Gray Wolf Taken in Kentucky

(Adrienne C. Yancy, KDFWR)
(Adrienne C. Yancy, KDFWR)
Set Text Size SmallSet Text Size MediumSet Text Size LargeSet Text Size X-Large
Share
Updated: 8/14/2013 3:17 pm

A DNA analysis performed by the U.S. Department of Agriculture's National Wildlife Research Center in Colorado determined the 73-pound animal was a federally endangered gray wolf with a genetic makeup resembling wolves native to the Great Lakes Region. The U.S. Fish and Wildlife Service Forensics Laboratory in Oregon confirmed the finding.

How the wolf found its way to a Munfordville hay ridge at daybreak in March remains a mystery. Wolves have been gone from the state since the mid-1800s.

Great Lakes Region wolf biologists said the animal's dental characteristics - a large amount of plaque on its teeth - suggest it may have spent some time in captivity. A largely carnivorous diet requiring the crushing of bone as they eat produces much less plaque on the teeth of wild wolves.

Hart County resident James Troyer took the animal with a shot from 100 yards away while predator hunting on his family's farm. Troyer, 31, said he had taken a coyote off the property just two weeks earlier.

But when he approached the downed animal he noticed it was much larger. "I was like - wow - that thing was big!" he recalled. "It looked like a wolf, but who is going to believe I shot a wolf?"

Because a free-ranging wolf has not been seen in the state for more than a century, biologists were skeptical at first. However, wildlife officials were aware that a few radio-collared northern wolves have wandered as far south as Missouri in the past decade.

Wolves resemble coyotes, except they are much larger. From a distance, the size difference is difficult to determine.

Troyer convinced Kevin Raymond, a wildlife biologist for the Kentucky Department of Fish and Wildlife Resources, to look at the animal. Once Raymond saw the animal was twice the size of a coyote, he contacted furbearer biologist Laura Patton, who submitted samples to federal officials for DNA testing.

Because state and federal laws prohibit the possession, importation into Kentucky or hunting of gray wolves, federal officials took possession of the pelt. Since this is the first free-ranging gray wolf documented in Kentucky's modern history, federal or state charges are not expected because there were no prior biological expectations for any hunter to encounter a wolf.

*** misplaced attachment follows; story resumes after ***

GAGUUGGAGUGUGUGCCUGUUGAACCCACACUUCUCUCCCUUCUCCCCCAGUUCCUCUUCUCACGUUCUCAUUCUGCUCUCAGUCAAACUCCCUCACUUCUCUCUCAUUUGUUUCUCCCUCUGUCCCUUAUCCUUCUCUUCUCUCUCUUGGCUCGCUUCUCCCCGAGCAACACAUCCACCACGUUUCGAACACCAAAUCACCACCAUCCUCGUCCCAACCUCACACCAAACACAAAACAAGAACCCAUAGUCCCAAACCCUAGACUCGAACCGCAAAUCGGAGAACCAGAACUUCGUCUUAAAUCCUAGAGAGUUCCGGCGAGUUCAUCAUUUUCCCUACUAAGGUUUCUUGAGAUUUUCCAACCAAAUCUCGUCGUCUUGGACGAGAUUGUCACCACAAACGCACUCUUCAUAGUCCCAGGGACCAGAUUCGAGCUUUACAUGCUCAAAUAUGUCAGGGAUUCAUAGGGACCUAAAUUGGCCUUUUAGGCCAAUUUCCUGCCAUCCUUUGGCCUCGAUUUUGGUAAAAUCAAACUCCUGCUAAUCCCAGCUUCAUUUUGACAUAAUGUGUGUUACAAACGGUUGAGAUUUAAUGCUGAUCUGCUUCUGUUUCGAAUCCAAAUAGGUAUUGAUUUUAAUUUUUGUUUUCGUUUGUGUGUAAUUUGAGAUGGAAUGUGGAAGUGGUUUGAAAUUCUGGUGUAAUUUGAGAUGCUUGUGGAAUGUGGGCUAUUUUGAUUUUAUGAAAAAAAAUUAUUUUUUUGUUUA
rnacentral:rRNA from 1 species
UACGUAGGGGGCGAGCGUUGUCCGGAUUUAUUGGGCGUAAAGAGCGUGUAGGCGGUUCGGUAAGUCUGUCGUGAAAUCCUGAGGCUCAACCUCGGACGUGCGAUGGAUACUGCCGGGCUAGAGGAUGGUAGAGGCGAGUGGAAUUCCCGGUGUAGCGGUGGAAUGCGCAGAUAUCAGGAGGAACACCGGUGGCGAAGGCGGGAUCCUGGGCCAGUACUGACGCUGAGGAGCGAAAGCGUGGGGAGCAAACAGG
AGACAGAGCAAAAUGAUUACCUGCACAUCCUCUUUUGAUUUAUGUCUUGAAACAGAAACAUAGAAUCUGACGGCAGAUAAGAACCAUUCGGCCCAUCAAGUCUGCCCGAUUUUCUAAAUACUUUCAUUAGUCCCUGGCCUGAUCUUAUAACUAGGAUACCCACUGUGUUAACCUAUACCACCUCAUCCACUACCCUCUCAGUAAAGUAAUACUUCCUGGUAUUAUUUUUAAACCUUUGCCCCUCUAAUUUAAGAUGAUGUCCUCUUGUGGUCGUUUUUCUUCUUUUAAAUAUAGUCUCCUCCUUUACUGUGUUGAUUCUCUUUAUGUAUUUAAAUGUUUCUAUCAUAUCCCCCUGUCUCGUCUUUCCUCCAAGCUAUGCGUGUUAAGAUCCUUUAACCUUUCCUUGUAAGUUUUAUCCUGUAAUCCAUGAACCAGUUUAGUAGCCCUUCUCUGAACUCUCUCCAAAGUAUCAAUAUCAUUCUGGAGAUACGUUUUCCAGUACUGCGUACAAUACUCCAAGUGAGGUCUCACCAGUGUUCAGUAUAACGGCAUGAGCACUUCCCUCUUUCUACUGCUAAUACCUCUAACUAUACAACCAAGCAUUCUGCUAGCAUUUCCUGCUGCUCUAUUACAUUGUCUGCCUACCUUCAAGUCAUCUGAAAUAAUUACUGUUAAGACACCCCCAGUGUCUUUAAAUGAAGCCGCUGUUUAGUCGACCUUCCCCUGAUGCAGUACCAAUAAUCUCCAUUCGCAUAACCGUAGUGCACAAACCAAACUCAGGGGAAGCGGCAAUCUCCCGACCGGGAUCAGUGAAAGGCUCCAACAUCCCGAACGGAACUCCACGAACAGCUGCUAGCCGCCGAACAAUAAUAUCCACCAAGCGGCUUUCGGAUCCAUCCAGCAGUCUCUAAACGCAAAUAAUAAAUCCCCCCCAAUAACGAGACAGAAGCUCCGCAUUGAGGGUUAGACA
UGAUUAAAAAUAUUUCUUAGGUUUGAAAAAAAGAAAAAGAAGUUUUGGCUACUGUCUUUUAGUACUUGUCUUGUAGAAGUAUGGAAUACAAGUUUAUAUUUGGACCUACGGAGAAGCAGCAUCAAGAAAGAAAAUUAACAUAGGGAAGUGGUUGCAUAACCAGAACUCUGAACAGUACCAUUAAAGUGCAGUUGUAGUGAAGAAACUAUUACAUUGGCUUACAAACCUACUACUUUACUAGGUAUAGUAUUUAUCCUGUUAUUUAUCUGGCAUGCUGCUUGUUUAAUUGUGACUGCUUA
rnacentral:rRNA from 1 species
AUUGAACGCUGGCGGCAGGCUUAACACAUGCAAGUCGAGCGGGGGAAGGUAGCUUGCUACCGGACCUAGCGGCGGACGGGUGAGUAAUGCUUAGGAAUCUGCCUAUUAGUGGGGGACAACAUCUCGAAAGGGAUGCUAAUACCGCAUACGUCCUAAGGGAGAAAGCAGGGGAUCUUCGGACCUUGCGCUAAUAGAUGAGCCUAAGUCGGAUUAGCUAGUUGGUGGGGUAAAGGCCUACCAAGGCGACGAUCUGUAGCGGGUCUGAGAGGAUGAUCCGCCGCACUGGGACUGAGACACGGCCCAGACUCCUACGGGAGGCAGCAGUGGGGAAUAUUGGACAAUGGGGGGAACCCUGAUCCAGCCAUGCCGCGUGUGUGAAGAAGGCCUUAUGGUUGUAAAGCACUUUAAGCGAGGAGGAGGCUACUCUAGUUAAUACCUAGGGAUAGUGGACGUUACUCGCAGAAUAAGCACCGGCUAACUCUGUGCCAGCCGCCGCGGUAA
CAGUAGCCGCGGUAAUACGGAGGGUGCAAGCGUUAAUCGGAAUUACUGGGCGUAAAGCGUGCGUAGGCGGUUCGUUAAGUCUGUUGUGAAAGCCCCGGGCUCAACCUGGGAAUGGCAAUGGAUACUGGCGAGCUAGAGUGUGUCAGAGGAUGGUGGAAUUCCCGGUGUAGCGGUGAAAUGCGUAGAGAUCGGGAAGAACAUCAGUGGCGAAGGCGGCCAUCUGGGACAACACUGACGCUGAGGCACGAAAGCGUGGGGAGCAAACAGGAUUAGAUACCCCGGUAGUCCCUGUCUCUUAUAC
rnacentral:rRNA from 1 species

Share
3 Comment(s)
Comments: Show | Hide

Here are the most recent story comments.View All

Grandma1954 - 8/16/2013 12:14 PM
0 Votes
Sorry to burst you bubble, but if any wild animal, raccoon, ground hog, wild dog, fox, coyote, or grey wolf kills our goats, miniature cows or chickens, I will be judge jury and executioner. Why is it worse for me to kill an animal predator who is killing my livestock than for this predator to kill my animals. Too many regulations have remove common sense out of From the brains of the people in government office. My family has received many awards for conservation enhancement of animals and habitat. But I use my God given common sense.

jtdruen - 8/15/2013 2:24 PM
0 Votes
Kat sure isn't from Hart Co. KY. Your wolf avocation probably falls among deaf ears around people who have never even encountered one in the wild or ever even seen one. Early morning hunt, calling in predators isn't any joking matter. This guy made an easy mistake and immediately contacted the correct people. Go preach wolves in Wyoming or at least somewhere that has them.....

Kat Brekken - 8/14/2013 8:38 PM
0 Votes
If one can't tell a wolf from a coyote, then one shouldn't be hunting. I'm a hunter and wolf advocate. I advocate because the wolf is the one apex predator missing from the landscape for too long. It's easy to live with this animal, that has caused the healing of a terribly overgrazed Yellowstone, to recover to the healthiest the Park has ever been in my 58 years of observations. They don't hunt humans(never a recorded case of a wolf killing a human in America since recorded history); they do very little livestock depredation(less than 0.04% of cattle were lost to a wolf last year, while over 26% died of pneumonia); all other animals, including birds and fish benefit from wolves presence; the improve the game animals, by hunting those that are old, sick, injured, leaving the healthiest to breed(Montana went from around 88,000 elk in 1995 to over 143,000 this past year and for the third straight year, Wyoming had a record number of bull elk taken in the hunt; as Nature is allowed to balance itself naturally with wolves present, the other predators such as the coyote will diminish in numbers. Way to much myth and misinformation is given too much credit, when the science of the wolf has been published in numerous journals and articles. Check out The NAtional Wolfwatcher Coalition website and Facebook page for sound science and what you can do about the issues.
Inergize Digital This site is hosted and managed by Inergize Digital.
   

WTVQ.com supports children's privacy rights. All persons under the age of 13 MUST have parental permission to use this website and direct parental supervision is strongly recommended.